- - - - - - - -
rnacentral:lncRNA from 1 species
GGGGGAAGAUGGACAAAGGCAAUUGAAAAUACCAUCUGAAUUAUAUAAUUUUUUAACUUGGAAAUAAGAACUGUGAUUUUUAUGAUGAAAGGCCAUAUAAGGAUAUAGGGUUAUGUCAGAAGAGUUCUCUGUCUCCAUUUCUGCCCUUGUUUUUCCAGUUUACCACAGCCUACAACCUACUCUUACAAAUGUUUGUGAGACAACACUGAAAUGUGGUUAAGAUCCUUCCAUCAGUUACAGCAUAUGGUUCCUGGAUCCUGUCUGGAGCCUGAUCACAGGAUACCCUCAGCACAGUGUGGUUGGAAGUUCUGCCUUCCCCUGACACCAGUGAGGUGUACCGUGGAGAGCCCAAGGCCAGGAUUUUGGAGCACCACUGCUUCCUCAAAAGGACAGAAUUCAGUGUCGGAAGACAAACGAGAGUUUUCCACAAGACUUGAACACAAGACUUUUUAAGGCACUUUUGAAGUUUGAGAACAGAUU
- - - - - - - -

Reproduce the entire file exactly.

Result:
rnacentral:lncRNA from 1 species
GGGGGAAGAUGGACAAAGGCAAUUGAAAAUACCAUCUGAAUUAUAUAAUUUUUUAACUUGGAAAUAAGAACUGUGAUUUUUAUGAUGAAAGGCCAUAUAAGGAUAUAGGGUUAUGUCAGAAGAGUUCUCUGUCUCCAUUUCUGCCCUUGUUUUUCCAGUUUACCACAGCCUACAACCUACUCUUACAAAUGUUUGUGAGACAACACUGAAAUGUGGUUAAGAUCCUUCCAUCAGUUACAGCAUAUGGUUCCUGGAUCCUGUCUGGAGCCUGAUCACAGGAUACCCUCAGCACAGUGUGGUUGGAAGUUCUGCCUUCCCCUGACACCAGUGAGGUGUACCGUGGAGAGCCCAAGGCCAGGAUUUUGGAGCACCACUGCUUCCUCAAAAGGACAGAAUUCAGUGUCGGAAGACAAACGAGAGUUUUCCACAAGACUUGAACACAAGACUUUUUAAGGCACUUUUGAAGUUUGAGAACAGAUU